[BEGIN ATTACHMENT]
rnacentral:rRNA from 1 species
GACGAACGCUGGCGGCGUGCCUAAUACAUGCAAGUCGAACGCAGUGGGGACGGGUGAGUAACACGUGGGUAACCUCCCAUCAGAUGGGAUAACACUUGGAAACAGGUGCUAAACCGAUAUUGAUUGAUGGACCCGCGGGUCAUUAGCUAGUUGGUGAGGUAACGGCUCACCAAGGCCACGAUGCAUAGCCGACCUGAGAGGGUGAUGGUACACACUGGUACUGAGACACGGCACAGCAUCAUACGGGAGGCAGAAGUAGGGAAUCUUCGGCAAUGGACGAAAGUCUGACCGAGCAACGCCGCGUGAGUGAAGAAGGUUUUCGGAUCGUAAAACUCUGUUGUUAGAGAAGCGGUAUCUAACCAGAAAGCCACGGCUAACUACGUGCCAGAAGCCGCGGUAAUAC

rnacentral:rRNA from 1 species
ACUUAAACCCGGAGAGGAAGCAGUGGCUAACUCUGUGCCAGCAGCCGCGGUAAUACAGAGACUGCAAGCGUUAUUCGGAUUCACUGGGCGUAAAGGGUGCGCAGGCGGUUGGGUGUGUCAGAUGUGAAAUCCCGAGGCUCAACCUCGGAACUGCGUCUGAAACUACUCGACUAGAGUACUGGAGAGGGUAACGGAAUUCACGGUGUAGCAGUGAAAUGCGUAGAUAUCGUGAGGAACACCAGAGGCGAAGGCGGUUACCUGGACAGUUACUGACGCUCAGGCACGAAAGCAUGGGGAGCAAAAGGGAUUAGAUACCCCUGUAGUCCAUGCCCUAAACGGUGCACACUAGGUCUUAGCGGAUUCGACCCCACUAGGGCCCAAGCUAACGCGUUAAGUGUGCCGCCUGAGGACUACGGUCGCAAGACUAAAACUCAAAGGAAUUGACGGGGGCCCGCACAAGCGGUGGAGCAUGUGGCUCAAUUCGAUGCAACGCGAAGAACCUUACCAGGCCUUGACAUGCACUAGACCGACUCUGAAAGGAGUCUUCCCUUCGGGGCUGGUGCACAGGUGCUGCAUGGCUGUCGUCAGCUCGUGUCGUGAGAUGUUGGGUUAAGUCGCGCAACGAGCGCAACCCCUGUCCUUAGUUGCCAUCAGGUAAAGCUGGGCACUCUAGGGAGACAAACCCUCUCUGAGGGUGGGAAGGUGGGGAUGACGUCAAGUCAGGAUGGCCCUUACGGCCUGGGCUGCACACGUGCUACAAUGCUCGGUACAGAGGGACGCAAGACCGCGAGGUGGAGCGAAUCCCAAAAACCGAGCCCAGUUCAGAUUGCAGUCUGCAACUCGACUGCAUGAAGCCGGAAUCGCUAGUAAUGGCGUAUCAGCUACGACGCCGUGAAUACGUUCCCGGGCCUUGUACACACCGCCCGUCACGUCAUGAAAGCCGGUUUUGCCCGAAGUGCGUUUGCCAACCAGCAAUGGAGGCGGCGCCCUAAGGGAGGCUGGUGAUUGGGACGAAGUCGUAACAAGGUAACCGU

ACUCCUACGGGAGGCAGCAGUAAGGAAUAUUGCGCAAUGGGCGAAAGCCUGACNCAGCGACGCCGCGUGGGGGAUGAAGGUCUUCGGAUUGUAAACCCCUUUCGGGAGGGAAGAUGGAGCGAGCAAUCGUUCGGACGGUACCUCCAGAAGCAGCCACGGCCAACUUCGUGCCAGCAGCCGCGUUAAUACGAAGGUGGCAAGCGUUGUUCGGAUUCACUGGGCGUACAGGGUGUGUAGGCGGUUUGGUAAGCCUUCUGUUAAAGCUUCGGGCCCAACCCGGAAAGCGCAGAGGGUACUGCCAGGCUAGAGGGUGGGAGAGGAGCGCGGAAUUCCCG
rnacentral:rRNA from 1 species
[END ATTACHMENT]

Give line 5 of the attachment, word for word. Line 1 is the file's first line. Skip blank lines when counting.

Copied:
ACUCCUACGGGAGGCAGCAGUAAGGAAUAUUGCGCAAUGGGCGAAAGCCUGACNCAGCGACGCCGCGUGGGGGAUGAAGGUCUUCGGAUUGUAAACCCCUUUCGGGAGGGAAGAUGGAGCGAGCAAUCGUUCGGACGGUACCUCCAGAAGCAGCCACGGCCAACUUCGUGCCAGCAGCCGCGUUAAUACGAAGGUGGCAAGCGUUGUUCGGAUUCACUGGGCGUACAGGGUGUGUAGGCGGUUUGGUAAGCCUUCUGUUAAAGCUUCGGGCCCAACCCGGAAAGCGCAGAGGGUACUGCCAGGCUAGAGGGUGGGAGAGGAGCGCGGAAUUCCCG